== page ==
“I was really surprised at how some of the wolves decided to really not be too bothered by us,” Dan said.
As a guide, Bjorn pointed to the growing importance of experiences like this, and films like this, to Alaska’s economy. Bears also feature in the filming.
“Wildlife and wild places are going to be a way bigger resource in the future as the world becomes more industrialized, and I think we need to have way more of an emphasis on preserving these wild places,” he said. “It’s ridiculous that Southeast Alaska only has a couple of bear-viewing places. That’s why people come here. It’s huge, whether it’s hunting, fishing, wildlife films or just tourism.”
Salmon, he said, were also central to the shoot.
“The only reason why we were able to get the footage we were and be safe around bears is because we had such a good salmon run,” Bjorn said. “It’s all about salmon.”
It’s not a secret that, in Alaska, wolves rely on salmon, just as many other species do. It is, however, a subject of evolving research.
Back in 2004, Alaska Department of Fish & Game Information Officer Riley Woodford wrote about a study on Prince of Wales Island in an Alaska Fish & Wildlife News article. Salmon, the article explained, are especially important for wolf pups.
“For the youngest members of the packs, the chance to fatten up on fish in the fall can mean life or death over the winter,” it reads.
The biologist who conducted that study, Dave Person, attributed wolves’ high survivorship in Southeast Alaska to salmon. “In places like Minnesota, half the pups die in their first summer,” he’s quoted as saying. “Here, we’ve noticed a 90 percent survivorship; I think salmon may play an important part in that.”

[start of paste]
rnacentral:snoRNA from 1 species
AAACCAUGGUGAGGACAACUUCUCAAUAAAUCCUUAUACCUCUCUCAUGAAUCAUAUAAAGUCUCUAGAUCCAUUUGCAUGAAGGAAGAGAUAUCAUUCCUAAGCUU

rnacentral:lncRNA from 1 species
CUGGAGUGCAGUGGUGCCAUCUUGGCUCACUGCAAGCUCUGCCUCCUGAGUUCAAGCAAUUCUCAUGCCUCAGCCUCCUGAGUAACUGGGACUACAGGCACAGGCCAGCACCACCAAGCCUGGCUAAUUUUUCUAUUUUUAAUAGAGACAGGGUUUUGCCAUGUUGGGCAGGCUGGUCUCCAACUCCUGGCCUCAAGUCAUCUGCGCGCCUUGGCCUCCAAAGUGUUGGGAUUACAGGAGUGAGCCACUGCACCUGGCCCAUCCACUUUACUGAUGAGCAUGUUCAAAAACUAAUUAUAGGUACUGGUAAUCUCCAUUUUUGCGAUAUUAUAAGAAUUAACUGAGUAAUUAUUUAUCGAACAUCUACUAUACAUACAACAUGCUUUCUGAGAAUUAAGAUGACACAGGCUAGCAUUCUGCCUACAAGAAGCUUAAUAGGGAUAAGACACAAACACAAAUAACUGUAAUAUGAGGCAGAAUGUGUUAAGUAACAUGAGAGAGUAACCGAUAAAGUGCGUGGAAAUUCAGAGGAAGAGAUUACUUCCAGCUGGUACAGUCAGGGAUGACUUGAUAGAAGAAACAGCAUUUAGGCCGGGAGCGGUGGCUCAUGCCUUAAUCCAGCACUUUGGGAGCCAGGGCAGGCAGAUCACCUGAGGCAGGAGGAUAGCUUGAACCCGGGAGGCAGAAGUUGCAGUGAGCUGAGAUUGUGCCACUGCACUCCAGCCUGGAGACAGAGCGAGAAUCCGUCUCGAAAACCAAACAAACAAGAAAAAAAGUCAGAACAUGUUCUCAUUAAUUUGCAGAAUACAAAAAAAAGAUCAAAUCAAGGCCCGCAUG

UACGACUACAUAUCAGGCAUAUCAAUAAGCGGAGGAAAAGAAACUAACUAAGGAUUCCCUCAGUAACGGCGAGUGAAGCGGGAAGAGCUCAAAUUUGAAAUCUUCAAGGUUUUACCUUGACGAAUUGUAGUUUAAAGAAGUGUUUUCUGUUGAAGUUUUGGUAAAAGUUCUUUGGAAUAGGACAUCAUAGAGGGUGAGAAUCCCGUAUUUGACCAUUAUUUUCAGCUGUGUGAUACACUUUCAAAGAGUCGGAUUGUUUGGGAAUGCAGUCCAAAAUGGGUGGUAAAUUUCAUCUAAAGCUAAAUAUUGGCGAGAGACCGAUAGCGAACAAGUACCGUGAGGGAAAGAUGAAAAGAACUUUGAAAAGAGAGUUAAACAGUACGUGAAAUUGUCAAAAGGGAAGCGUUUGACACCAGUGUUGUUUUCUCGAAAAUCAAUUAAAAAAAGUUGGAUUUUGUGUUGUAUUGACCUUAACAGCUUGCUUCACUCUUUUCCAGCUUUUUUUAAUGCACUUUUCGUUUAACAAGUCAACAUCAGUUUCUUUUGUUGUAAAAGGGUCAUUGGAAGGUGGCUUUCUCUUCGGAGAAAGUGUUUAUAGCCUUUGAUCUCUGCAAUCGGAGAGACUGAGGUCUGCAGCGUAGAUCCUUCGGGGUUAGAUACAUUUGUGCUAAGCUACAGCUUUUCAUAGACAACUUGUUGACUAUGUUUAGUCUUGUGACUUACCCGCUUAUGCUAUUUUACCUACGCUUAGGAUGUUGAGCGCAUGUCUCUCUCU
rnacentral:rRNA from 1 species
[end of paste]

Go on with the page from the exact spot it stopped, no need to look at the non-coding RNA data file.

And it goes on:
Alaska Department of Fish & Game wildlife research biologist Gretchen Roffler is conducting a study using DNA to analyze wolf scat across Southeast Alaska. Wolves ate salmon in five of the 12 sites she studied, making up between two and 10 percent of wolves’ diets overall, averaged across the entire year, between 2010 and 2018. The numbers would be much higher, she expects, in late summer.
“Increased consumption of (marine and intertidal species) could be advantageous for wolves because of reduced handling times and risk, allowing wolves to forage individually. Salmon are well-recognized as an important seasonal food source for wolves in coastal regions,” she said.
Of a separate study of collared wolves, she wrote that a wolf they’re observing in the Gustavus, Alaska area spends many weeks fishing in late August to mid-September, eating pink and sockeye salmon.
An earlier study in Woodford’s article analyzing DNA in wolf bone found that “Salmon made up about 20 percent of the diet of wolves on the coastal mainland and on Prince of Wales Island, 15 percent of the diet of wolves on Kupreanof Island and about 10 percent of the diet of Interior wolves.”
How to watch
“Night on Earth” is streaming on Netflix. This shoot is part of the last episode in the series, at minute 35.